Absence of evidence is not evidence of absence: Prejudice (Limitation) in Scottish Abuse cases
Abuse Aware | February 2020
Following the introduction of the Limitation (Childhood Abuse) (Scotland) Act 2017 (“the Act”), it is open to make a civil claim for historic abuse if it occurred after 26 September 1964 and the survivor was under the age of 18.
As a balance against six decades of historic claims, Section 17D of the Act limits a pursuer’s action from proceeding by allowing a defender to argue that it is not possible for a fair hearing to take place.
In order to do so, defenders have to demonstrate that there is “substantial prejudice” if the case was to proceed. The court must consider the competing interests of both parties to assess this.
Exactly what constitutes “substantial prejudice” is not defined within the Act and is likely to turn on the precise facts of each case. A common issue in historic cases is the availability and quality of evidence, no more so than where the alleged abuser has died.
The decision of Sheriff Drummond QC in LM v The Executor of DG is the first time this defence has been considered by the courts since the change in the law in Scotland.
LM claimed she was repeatedly raped by her late stepfather (“the deceased”) and sued her stepbrother as the executor of the estate for damages.
In 1989 and 2001 she had complained to the police but no further action was taken at the time.
On 13 March 2017, after further evidence came to light, the deceased was interviewed by police and charged. He was served with a petition, but he died 11 days later.
The defender argued that the action should not be allowed to proceed as it was “not possible for a fair hearing to take place” and sought to invoke the provisions of section 17D(2) of the Act. As the alleged abuser was dead, the court could only ever hear “one half of the case”.
In addition, there was no means of presenting the deceased’s version of events and having his credibility assessed; of ascertaining his position in response to the allegations; nor obtaining his assistance to gather evidence to refute, contradict or explain the pursuer’s account. Nothing could be done at proof to offset the prejudice caused to the defender by the delay and associated loss of the evidence of the deceased.
The pursuer argued whilst section 17D provided a safeguard in relation to the right to a fair trial, the court was required to hear all the evidence in the case before this issue could be determined.
Sheriff Drummond QC decided that in order to determine whether it was possible for a fair hearing to take place evidence should be heard.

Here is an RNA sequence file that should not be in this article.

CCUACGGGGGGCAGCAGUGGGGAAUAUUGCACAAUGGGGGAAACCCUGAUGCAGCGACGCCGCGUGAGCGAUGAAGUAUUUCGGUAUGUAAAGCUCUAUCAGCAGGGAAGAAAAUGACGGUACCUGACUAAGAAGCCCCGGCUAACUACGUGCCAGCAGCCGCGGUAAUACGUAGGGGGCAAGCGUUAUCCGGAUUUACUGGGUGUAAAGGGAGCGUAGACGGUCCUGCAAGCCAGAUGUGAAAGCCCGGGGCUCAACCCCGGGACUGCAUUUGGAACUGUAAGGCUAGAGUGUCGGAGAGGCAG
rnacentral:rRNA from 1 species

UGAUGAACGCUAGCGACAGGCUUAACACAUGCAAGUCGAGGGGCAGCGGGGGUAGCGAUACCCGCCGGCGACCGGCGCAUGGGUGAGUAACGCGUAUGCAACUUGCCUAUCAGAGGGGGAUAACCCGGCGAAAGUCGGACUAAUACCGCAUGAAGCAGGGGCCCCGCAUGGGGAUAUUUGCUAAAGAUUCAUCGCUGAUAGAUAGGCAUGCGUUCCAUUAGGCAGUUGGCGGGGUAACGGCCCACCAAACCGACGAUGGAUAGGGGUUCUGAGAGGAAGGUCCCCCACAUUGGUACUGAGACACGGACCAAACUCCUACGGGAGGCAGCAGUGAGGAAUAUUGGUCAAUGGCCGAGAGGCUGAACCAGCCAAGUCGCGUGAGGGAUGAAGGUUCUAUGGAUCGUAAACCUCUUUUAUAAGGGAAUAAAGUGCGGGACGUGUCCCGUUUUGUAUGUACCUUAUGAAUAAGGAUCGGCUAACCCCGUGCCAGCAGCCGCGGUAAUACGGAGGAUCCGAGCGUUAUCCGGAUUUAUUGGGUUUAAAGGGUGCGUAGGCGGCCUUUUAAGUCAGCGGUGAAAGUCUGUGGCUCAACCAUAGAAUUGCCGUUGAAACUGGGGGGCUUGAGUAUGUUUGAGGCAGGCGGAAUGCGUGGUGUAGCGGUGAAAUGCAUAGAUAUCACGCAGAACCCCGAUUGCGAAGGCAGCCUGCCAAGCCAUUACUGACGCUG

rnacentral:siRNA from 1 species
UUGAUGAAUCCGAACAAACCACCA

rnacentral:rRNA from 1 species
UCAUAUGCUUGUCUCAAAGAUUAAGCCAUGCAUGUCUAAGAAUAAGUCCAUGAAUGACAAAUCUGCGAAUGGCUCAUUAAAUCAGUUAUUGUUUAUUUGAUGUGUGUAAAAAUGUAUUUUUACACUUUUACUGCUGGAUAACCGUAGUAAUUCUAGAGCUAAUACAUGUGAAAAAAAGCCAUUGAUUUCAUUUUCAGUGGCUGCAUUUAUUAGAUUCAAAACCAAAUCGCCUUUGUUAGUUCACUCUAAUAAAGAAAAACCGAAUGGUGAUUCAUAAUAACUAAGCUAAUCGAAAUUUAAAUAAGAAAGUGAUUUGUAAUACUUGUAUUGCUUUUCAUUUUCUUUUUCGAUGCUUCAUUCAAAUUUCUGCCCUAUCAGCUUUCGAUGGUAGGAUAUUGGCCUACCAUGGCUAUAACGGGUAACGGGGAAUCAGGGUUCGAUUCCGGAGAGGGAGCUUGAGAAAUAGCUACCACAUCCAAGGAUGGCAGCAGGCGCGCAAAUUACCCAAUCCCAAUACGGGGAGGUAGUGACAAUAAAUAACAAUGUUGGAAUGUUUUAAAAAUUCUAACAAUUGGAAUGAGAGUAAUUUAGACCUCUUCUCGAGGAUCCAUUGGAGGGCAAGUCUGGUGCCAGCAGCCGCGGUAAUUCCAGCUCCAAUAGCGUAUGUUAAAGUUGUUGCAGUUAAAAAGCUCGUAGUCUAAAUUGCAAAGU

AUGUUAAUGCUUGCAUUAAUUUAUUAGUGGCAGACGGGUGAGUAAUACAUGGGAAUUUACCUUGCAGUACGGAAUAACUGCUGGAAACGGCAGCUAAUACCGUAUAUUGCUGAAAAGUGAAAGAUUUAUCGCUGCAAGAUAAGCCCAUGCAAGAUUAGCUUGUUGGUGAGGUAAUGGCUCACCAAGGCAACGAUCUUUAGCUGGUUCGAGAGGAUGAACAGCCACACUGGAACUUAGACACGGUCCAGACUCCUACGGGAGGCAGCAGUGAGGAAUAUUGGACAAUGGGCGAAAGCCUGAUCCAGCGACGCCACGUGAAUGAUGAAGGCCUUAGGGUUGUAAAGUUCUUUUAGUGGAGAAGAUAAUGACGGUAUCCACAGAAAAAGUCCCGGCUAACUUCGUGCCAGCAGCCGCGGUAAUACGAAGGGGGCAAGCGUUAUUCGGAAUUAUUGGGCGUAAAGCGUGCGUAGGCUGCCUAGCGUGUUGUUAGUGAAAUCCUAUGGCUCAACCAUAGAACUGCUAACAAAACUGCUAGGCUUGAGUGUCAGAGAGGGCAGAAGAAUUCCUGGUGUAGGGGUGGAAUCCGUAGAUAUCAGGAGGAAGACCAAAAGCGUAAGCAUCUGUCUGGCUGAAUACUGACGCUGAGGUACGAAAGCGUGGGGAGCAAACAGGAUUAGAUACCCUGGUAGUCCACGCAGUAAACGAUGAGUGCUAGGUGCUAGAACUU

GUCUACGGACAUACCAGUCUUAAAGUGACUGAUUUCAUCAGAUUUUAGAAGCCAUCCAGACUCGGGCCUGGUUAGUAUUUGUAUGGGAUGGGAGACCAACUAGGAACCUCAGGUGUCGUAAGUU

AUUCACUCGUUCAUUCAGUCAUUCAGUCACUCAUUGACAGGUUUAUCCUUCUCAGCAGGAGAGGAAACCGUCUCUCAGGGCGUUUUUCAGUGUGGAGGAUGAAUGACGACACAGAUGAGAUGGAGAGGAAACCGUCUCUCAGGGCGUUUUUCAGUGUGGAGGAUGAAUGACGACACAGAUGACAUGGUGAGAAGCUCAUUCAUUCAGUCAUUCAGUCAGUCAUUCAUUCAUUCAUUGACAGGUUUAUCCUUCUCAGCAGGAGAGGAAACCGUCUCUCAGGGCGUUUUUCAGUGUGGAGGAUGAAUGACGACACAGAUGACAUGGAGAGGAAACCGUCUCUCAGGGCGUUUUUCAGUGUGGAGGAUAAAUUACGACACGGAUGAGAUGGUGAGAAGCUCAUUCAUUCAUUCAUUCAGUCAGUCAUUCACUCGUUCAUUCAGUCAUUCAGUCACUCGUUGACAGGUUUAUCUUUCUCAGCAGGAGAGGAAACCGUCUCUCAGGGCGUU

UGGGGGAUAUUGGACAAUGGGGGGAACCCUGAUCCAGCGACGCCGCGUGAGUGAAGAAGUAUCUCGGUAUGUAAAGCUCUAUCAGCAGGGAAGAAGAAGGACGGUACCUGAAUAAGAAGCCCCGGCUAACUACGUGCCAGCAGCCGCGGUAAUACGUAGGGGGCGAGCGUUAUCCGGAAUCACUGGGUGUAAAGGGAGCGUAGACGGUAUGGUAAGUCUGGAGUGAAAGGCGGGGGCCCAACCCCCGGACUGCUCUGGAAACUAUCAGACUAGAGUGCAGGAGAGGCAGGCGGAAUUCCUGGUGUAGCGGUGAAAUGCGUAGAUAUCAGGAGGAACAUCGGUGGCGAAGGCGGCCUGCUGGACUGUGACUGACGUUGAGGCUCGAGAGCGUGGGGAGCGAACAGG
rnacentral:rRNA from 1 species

She acknowledged that the deceased would not be able to give instructions or give evidence at the hearing. However, in her view the “content of the police interview at the very least would allow the defender at a hearing to refute the allegations” and allow certain matters to be investigated.
Further, there was “a basis on which to cross examine the pursuer and her sister. At the very least their accounts can be tested against their police statements and possibly against each other’s accounts too.”
A proof before answer (trial) was allowed.
The Sheriff accepted that the absence of the deceased may cause problems, but in order to assess the fairness of the proceedings as a whole it was necessary to hear and test the available evidence. Significantly, she held that the defender did not lose the opportunity to raise the issue of substantial prejudice.
Going forward, the court will have to consider the available evidence as well as the absent evidence in order to determine whether the defender is substantially prejudiced.
Although LM v The Executor of DG is the first time the court has been asked to consider the provisions relating to a fair hearing it will not be the last.
Organisations and their insurers may be concerned about the possibility of claims dating back six decades. It is important to realise that the law will not necessarily allow all cases to proceed. There may be insufficient evidence available for a pursuer to satisfy the burden of proof in relation to fundamental parts of their case. A full assessment of both the availability and quality of evidence at an early stage remains a key part of dealing with historic abuse cases in Scotland.
Author – Laura Baxendale – Senior Associate